Animals were transcardially perfused with 4% paraformaldehyde and brains were processed as previously described [2]. Sections 25 μm-thick were cut on a cryostat and mounted on gelatin-coated slides, permeabilized with 0.5% Triton (Sigma-Aldrich) overnight at room temperature, incubated with primary antibody anti-ubiquitin for 1 h at room temperature and overnight at 4°C and, finally, with the appropriate DyLightTM-conjugated-secondary antibodies for 1 h. Nuclei were counterstained with 4′-6-diamidino-2-phenylindole (DAPI) at a final concentration of 1 ng/μL after secondary antibody labeling. Control staining included omission of primary antibodies or irrelevant primary antibodies of the same isotype. Then, sections were washed and coverslipped with 0.01 M PBS containing 50% glycerin and 2.5% triethylenediamine and examined under a motorized upright wide-field microscope (Leica DM6000B). Confocal images were captured using a TCS SP5 Confocal Leica laser scanning microscope equipped with a DMI60000 microscope and an HCX PL APO lambda blue 63× 1.4 oil objective at 22°C. Maximum projection image was obtained.

Statistical analysis

Statistical analysis was performed using the Statgraphics plus (v 3.1) software. The differences between groups in the time-course experiments were assessed by one-way analysis of variance followed by Turkey’s test. The data comparison between the saline and saline + LT, saline + LPS and LPS + LT animals was carried out using two-tailed t-test. The significance was set at P <0.05. Significant differences are indicated by an asterisk.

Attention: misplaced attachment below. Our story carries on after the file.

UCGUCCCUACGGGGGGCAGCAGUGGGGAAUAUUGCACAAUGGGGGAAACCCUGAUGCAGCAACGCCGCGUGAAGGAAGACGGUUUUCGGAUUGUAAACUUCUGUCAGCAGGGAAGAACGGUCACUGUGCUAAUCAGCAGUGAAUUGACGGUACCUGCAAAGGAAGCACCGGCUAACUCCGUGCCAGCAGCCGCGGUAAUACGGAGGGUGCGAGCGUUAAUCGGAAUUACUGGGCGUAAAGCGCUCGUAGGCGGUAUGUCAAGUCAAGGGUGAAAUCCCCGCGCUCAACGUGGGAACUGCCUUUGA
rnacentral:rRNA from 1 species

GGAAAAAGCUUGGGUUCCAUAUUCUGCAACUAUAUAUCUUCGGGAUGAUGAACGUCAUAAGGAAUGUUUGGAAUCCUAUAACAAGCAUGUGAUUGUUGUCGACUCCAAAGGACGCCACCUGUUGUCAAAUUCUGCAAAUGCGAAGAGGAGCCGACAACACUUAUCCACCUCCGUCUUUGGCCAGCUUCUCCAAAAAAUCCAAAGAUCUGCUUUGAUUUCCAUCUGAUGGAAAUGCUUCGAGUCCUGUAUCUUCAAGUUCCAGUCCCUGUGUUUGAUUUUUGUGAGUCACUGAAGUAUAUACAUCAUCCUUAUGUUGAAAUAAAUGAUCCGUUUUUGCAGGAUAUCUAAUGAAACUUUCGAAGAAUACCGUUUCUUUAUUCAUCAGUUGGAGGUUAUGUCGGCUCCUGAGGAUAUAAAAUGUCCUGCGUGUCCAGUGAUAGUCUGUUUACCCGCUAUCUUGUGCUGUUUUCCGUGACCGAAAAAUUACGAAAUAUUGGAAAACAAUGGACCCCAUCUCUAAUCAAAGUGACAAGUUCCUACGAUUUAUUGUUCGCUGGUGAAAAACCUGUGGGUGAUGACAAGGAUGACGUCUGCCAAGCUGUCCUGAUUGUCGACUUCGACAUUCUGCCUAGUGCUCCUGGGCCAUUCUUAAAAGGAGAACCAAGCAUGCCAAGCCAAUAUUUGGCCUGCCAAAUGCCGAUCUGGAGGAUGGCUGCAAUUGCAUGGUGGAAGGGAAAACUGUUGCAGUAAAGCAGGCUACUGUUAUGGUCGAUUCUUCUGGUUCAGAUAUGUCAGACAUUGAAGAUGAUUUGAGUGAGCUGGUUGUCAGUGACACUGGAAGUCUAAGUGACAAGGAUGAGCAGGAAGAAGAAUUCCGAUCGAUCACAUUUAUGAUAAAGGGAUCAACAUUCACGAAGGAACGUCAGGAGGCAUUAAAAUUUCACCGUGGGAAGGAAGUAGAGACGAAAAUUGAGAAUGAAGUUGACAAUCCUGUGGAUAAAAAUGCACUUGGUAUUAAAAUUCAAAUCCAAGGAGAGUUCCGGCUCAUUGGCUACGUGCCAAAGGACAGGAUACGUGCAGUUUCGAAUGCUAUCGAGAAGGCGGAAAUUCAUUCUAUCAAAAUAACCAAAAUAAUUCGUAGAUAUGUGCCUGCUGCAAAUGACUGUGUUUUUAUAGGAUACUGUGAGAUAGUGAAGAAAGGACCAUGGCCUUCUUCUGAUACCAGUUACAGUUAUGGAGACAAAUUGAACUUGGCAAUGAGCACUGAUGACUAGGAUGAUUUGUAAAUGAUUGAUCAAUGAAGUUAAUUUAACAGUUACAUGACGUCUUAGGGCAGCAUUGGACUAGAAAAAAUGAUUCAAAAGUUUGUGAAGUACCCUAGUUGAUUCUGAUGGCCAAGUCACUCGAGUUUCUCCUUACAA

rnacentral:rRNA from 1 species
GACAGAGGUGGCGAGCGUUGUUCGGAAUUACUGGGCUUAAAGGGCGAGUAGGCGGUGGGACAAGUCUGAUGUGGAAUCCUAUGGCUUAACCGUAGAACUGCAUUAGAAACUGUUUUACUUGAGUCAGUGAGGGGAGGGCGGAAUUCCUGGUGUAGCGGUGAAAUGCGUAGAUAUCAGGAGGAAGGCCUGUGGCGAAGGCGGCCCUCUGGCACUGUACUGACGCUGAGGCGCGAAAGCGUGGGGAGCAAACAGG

Results

LPS injection increases the content of ubiquitinated proteins in hippocampal neurons

To analyze the role of LPS-induced neuroinflammation on the UPS, we induced neuroinflammation in young rat hippocampi by intrahippocampal injection of LPS. As expected [21], LPS injection induced a significant increase (P <0.05) early on in the mRNA expression of proinflammatory factors such cytokines TNF-α and IL-1β, and the enzyme iNOS (Figure 1), indicating the induction of neuroinflammation. Interestingly, LPS injection also increased the content of ubiquitinated proteins, mostly those with high molecular weight (Figure 2A). The content of these ubiquitinated proteins was significantly higher than in saline-injected rats from 14 hours to even 7 days after LPS injection (P <0.05; Figure 2B). Immunofluorescence experiments revealed that ubiquitinated proteins accumulated preferentially in the stratum pyramidale of the CA3 (Figure 2C) and CA1 regions (data not shown), where the cell bodies of principal neurons localize as revealed by NeuN immunostaining (Figure 2C lower panel).